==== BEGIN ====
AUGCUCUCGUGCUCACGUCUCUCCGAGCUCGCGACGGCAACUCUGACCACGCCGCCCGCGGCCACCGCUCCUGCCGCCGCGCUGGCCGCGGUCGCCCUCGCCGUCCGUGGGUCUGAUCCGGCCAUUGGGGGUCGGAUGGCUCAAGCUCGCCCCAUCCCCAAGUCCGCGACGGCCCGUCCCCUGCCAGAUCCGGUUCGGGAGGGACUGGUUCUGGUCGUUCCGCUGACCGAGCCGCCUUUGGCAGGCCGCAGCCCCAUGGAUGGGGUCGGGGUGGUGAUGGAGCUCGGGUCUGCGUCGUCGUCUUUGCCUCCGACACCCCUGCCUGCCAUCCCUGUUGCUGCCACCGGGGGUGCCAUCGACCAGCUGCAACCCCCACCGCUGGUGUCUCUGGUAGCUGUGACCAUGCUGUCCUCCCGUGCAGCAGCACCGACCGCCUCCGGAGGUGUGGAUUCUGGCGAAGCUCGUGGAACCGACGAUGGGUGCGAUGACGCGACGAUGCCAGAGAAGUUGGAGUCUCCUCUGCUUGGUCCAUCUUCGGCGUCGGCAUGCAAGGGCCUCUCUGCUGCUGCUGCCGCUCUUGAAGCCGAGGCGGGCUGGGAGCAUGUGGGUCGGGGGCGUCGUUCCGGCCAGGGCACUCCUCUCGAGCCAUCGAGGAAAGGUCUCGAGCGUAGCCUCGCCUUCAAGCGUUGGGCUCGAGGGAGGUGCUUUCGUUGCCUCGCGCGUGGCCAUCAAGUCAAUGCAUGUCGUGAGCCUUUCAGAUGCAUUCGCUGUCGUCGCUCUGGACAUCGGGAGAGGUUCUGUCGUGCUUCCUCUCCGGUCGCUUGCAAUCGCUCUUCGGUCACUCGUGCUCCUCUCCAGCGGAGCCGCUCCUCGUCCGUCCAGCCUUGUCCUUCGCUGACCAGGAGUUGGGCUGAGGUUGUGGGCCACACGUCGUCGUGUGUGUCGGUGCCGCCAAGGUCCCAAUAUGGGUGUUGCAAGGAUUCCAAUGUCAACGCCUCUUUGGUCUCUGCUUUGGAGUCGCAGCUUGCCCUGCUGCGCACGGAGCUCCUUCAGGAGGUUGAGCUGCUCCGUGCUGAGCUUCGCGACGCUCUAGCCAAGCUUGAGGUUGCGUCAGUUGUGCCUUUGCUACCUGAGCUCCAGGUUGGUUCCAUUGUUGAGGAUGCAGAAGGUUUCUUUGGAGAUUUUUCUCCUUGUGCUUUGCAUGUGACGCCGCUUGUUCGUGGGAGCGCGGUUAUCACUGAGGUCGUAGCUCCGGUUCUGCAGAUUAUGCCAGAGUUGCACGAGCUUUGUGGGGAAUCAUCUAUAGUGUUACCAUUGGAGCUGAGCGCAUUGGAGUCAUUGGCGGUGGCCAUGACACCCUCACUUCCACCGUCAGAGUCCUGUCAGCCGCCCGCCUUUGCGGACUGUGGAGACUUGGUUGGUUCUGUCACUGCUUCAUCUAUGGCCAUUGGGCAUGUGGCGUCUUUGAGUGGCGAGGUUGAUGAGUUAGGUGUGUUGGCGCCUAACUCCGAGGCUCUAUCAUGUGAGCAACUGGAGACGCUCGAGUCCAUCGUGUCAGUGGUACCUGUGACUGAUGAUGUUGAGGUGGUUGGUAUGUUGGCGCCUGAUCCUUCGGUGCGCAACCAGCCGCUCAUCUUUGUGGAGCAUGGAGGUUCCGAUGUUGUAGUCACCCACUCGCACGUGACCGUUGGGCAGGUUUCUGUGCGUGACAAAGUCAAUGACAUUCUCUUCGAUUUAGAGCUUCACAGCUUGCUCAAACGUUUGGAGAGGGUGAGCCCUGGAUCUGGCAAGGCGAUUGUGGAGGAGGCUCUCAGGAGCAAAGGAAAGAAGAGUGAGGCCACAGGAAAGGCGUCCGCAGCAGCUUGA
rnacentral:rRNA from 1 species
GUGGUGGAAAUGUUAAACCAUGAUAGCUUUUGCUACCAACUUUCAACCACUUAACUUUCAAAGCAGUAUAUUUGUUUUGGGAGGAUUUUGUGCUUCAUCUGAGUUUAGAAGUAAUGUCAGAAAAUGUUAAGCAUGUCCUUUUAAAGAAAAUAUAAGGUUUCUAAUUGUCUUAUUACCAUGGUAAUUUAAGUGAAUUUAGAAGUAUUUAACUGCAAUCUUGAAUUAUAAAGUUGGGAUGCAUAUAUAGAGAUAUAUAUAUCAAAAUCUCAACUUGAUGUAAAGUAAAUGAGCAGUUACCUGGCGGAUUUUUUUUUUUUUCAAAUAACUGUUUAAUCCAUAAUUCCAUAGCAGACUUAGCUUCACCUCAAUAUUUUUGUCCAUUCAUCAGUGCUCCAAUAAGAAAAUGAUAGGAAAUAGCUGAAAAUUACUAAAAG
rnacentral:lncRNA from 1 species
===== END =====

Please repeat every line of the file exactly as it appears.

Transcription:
AUGCUCUCGUGCUCACGUCUCUCCGAGCUCGCGACGGCAACUCUGACCACGCCGCCCGCGGCCACCGCUCCUGCCGCCGCGCUGGCCGCGGUCGCCCUCGCCGUCCGUGGGUCUGAUCCGGCCAUUGGGGGUCGGAUGGCUCAAGCUCGCCCCAUCCCCAAGUCCGCGACGGCCCGUCCCCUGCCAGAUCCGGUUCGGGAGGGACUGGUUCUGGUCGUUCCGCUGACCGAGCCGCCUUUGGCAGGCCGCAGCCCCAUGGAUGGGGUCGGGGUGGUGAUGGAGCUCGGGUCUGCGUCGUCGUCUUUGCCUCCGACACCCCUGCCUGCCAUCCCUGUUGCUGCCACCGGGGGUGCCAUCGACCAGCUGCAACCCCCACCGCUGGUGUCUCUGGUAGCUGUGACCAUGCUGUCCUCCCGUGCAGCAGCACCGACCGCCUCCGGAGGUGUGGAUUCUGGCGAAGCUCGUGGAACCGACGAUGGGUGCGAUGACGCGACGAUGCCAGAGAAGUUGGAGUCUCCUCUGCUUGGUCCAUCUUCGGCGUCGGCAUGCAAGGGCCUCUCUGCUGCUGCUGCCGCUCUUGAAGCCGAGGCGGGCUGGGAGCAUGUGGGUCGGGGGCGUCGUUCCGGCCAGGGCACUCCUCUCGAGCCAUCGAGGAAAGGUCUCGAGCGUAGCCUCGCCUUCAAGCGUUGGGCUCGAGGGAGGUGCUUUCGUUGCCUCGCGCGUGGCCAUCAAGUCAAUGCAUGUCGUGAGCCUUUCAGAUGCAUUCGCUGUCGUCGCUCUGGACAUCGGGAGAGGUUCUGUCGUGCUUCCUCUCCGGUCGCUUGCAAUCGCUCUUCGGUCACUCGUGCUCCUCUCCAGCGGAGCCGCUCCUCGUCCGUCCAGCCUUGUCCUUCGCUGACCAGGAGUUGGGCUGAGGUUGUGGGCCACACGUCGUCGUGUGUGUCGGUGCCGCCAAGGUCCCAAUAUGGGUGUUGCAAGGAUUCCAAUGUCAACGCCUCUUUGGUCUCUGCUUUGGAGUCGCAGCUUGCCCUGCUGCGCACGGAGCUCCUUCAGGAGGUUGAGCUGCUCCGUGCUGAGCUUCGCGACGCUCUAGCCAAGCUUGAGGUUGCGUCAGUUGUGCCUUUGCUACCUGAGCUCCAGGUUGGUUCCAUUGUUGAGGAUGCAGAAGGUUUCUUUGGAGAUUUUUCUCCUUGUGCUUUGCAUGUGACGCCGCUUGUUCGUGGGAGCGCGGUUAUCACUGAGGUCGUAGCUCCGGUUCUGCAGAUUAUGCCAGAGUUGCACGAGCUUUGUGGGGAAUCAUCUAUAGUGUUACCAUUGGAGCUGAGCGCAUUGGAGUCAUUGGCGGUGGCCAUGACACCCUCACUUCCACCGUCAGAGUCCUGUCAGCCGCCCGCCUUUGCGGACUGUGGAGACUUGGUUGGUUCUGUCACUGCUUCAUCUAUGGCCAUUGGGCAUGUGGCGUCUUUGAGUGGCGAGGUUGAUGAGUUAGGUGUGUUGGCGCCUAACUCCGAGGCUCUAUCAUGUGAGCAACUGGAGACGCUCGAGUCCAUCGUGUCAGUGGUACCUGUGACUGAUGAUGUUGAGGUGGUUGGUAUGUUGGCGCCUGAUCCUUCGGUGCGCAACCAGCCGCUCAUCUUUGUGGAGCAUGGAGGUUCCGAUGUUGUAGUCACCCACUCGCACGUGACCGUUGGGCAGGUUUCUGUGCGUGACAAAGUCAAUGACAUUCUCUUCGAUUUAGAGCUUCACAGCUUGCUCAAACGUUUGGAGAGGGUGAGCCCUGGAUCUGGCAAGGCGAUUGUGGAGGAGGCUCUCAGGAGCAAAGGAAAGAAGAGUGAGGCCACAGGAAAGGCGUCCGCAGCAGCUUGA
rnacentral:rRNA from 1 species
GUGGUGGAAAUGUUAAACCAUGAUAGCUUUUGCUACCAACUUUCAACCACUUAACUUUCAAAGCAGUAUAUUUGUUUUGGGAGGAUUUUGUGCUUCAUCUGAGUUUAGAAGUAAUGUCAGAAAAUGUUAAGCAUGUCCUUUUAAAGAAAAUAUAAGGUUUCUAAUUGUCUUAUUACCAUGGUAAUUUAAGUGAAUUUAGAAGUAUUUAACUGCAAUCUUGAAUUAUAAAGUUGGGAUGCAUAUAUAGAGAUAUAUAUAUCAAAAUCUCAACUUGAUGUAAAGUAAAUGAGCAGUUACCUGGCGGAUUUUUUUUUUUUUCAAAUAACUGUUUAAUCCAUAAUUCCAUAGCAGACUUAGCUUCACCUCAAUAUUUUUGUCCAUUCAUCAGUGCUCCAAUAAGAAAAUGAUAGGAAAUAGCUGAAAAUUACUAAAAG
rnacentral:lncRNA from 1 species